After starting at noon on Saturday, AJM kept a consistent lap time with a break every three laps for food and rest. He had limited information as to the status of the race. Every time he clocked in at the end of a lap, the officials would tell him the status of the gap at the beginning of the lap that he just finished.

“That was the best I could figure on so I was almost always running scared the whole time, ‘I really hope he doesn’t come by me because I can’t go any faster’” he laughed.

Through it all, he had been getting ready for riding at night. “I had been watching the course, even trying out different lines as it was light so that I would know all the different lines once it got dark, I had been doing a little bit of night riding so I knew my light was good and I knew where I had to look in order to be able to ride a single track pretty fast.” he said. “The course got quite a bit easier, it’s in the desert, there’s a lot of sand, the racing line got grooved out so it was actually quite fast.”

Until that lap 12 which did him in. After warming up and resting, AJM got back on his bike to try and take the lead back.

His mind also started playing tricks on him. “You are really diminished mentally. I was riding up the first climb and this must have been on my 13th or 14th lap, I was lost, I was like ‘I don’t recognize this trail, where am I? What’s going on?’ I was just totally turned around. I had memorized the entire trail at that point and all of a sudden I didn’t know which trail I was on and I was super confused and I was like ‘Oh God, am I not on the right trail?’ “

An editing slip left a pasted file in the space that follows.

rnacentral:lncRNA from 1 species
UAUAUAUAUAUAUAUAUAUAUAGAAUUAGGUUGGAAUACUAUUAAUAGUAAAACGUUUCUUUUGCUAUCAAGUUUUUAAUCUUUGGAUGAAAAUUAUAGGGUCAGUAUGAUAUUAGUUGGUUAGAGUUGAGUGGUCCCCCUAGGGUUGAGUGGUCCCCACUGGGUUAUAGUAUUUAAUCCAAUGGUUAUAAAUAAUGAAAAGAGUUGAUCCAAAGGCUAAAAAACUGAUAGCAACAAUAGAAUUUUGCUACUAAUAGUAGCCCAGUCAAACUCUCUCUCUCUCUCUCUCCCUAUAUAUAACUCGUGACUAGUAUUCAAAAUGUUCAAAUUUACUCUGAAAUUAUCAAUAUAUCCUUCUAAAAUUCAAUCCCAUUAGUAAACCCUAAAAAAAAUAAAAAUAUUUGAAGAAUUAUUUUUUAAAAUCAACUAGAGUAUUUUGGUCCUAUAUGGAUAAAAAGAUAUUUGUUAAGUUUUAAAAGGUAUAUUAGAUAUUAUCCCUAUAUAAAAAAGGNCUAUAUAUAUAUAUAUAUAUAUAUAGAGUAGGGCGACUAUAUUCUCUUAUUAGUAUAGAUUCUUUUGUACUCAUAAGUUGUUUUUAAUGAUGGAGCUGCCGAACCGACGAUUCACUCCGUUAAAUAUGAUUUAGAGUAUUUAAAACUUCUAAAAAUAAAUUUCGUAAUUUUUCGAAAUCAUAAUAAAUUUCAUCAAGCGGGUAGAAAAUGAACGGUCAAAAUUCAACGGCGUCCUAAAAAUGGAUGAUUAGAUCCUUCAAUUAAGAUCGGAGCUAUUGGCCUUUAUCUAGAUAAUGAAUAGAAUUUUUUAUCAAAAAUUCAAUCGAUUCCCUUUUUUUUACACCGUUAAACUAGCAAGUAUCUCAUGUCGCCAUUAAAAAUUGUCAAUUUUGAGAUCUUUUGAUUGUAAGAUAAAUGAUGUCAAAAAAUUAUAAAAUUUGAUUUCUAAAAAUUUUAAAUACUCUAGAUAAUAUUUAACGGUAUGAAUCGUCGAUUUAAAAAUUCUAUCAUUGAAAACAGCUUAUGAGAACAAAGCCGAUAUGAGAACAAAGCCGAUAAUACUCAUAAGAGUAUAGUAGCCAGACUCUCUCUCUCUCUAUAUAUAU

And weird visual effects. “Some people had heat torches up on their website and as I went by, they kind of rotate by you, I had this feeling that I was stationary and that the whole world was rotating past me.”

At 10:30 on Sunday morning, he was back in the lead at the end of lap 15 but facing a hard decision. If he didn’t go back out for another lap and his competitor did, then he would lose his first place.

“I was just completely destroyed and I was like ‘I don’t really want to go out again’ and I was debating with the timers, what should I do? Because I’m so out of it we had the same argument probably four different times.” AJM laughed, “They explained it to me over and over again because I was just not comprehending how the tactics were going to work out but basically it was if I don’t go out, he’d win and if I go out, I’m going to win. So it was like ‘well shit I better go ride one more time then’.”

After 24 hours in the saddle, in the desert, is there any part of his body that doesn’t hurt?

“I guess my earlobes don’t hurt.” replied AJM on Tuesday before starting his second day of driving home.